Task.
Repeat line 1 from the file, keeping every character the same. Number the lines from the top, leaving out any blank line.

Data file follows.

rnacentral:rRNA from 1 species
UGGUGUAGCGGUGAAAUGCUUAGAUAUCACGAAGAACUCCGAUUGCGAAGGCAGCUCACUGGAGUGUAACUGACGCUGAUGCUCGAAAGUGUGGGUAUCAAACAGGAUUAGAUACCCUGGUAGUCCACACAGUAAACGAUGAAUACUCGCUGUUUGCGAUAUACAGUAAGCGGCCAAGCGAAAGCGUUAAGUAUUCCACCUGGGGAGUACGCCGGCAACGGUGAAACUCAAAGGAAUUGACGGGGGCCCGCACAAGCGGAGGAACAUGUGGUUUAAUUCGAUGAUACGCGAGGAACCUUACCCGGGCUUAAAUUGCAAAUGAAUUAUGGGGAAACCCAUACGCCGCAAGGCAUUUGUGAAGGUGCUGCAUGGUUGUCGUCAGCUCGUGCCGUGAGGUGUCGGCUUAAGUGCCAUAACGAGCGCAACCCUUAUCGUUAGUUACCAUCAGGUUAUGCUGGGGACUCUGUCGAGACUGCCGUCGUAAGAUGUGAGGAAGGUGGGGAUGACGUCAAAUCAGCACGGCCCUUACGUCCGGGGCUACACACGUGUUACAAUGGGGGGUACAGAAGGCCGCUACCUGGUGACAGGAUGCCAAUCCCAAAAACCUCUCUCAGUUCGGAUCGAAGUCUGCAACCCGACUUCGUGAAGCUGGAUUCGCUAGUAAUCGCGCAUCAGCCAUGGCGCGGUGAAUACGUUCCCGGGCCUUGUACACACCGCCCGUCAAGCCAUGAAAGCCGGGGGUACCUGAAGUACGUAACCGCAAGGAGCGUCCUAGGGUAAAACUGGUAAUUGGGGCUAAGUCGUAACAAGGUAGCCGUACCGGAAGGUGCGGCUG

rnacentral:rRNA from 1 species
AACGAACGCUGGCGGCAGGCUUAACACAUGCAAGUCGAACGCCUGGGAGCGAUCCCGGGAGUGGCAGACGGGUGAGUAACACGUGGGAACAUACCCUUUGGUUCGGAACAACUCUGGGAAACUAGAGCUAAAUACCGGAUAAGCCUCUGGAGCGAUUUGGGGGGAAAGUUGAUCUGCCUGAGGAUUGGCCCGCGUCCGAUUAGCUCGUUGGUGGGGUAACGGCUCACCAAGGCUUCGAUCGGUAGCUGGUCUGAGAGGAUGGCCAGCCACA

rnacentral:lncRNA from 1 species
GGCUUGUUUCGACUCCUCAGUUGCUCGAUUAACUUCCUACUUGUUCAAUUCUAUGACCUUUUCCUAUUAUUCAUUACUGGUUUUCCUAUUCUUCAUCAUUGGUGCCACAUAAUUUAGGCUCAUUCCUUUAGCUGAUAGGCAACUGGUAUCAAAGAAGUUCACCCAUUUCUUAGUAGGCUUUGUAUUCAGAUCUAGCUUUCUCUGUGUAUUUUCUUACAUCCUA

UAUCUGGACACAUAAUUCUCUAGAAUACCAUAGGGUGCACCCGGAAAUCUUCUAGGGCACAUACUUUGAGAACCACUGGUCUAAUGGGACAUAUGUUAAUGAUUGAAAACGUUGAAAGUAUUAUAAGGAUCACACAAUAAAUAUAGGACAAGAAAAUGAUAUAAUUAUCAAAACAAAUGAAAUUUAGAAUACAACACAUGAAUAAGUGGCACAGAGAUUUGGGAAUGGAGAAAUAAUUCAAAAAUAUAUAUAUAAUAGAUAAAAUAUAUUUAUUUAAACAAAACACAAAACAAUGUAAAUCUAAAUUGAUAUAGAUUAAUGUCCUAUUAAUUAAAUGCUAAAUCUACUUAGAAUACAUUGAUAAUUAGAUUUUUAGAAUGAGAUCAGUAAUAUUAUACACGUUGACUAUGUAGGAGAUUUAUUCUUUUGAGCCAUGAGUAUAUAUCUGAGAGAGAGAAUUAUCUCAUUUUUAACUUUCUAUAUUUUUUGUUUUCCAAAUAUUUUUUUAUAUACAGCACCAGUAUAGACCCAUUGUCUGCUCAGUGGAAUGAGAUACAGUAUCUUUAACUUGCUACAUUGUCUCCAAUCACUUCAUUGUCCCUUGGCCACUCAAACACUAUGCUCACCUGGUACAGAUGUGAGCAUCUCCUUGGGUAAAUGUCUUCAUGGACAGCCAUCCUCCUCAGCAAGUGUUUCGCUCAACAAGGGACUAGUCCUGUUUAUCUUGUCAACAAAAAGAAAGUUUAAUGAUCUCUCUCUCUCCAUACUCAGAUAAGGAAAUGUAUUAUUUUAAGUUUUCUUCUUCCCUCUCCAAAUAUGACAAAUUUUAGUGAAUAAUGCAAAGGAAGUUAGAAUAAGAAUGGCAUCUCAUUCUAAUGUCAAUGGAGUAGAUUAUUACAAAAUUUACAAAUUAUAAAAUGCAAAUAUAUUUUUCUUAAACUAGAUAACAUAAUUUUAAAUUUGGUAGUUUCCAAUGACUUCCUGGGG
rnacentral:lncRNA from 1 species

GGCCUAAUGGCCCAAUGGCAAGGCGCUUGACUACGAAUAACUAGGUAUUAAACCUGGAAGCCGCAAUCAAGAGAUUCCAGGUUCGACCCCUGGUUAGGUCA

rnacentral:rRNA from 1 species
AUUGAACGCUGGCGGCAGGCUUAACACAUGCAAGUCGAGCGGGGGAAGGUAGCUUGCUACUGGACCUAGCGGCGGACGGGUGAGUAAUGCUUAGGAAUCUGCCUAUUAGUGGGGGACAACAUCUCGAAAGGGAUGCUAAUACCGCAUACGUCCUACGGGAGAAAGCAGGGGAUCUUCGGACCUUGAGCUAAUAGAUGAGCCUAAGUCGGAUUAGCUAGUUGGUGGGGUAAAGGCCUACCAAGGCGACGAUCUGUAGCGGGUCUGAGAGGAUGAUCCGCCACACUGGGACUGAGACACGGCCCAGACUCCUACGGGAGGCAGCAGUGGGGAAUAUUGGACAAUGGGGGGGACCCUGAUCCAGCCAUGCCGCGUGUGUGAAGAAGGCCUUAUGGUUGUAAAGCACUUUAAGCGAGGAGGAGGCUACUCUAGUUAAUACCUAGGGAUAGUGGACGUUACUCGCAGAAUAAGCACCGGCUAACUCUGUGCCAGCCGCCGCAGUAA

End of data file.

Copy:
rnacentral:rRNA from 1 species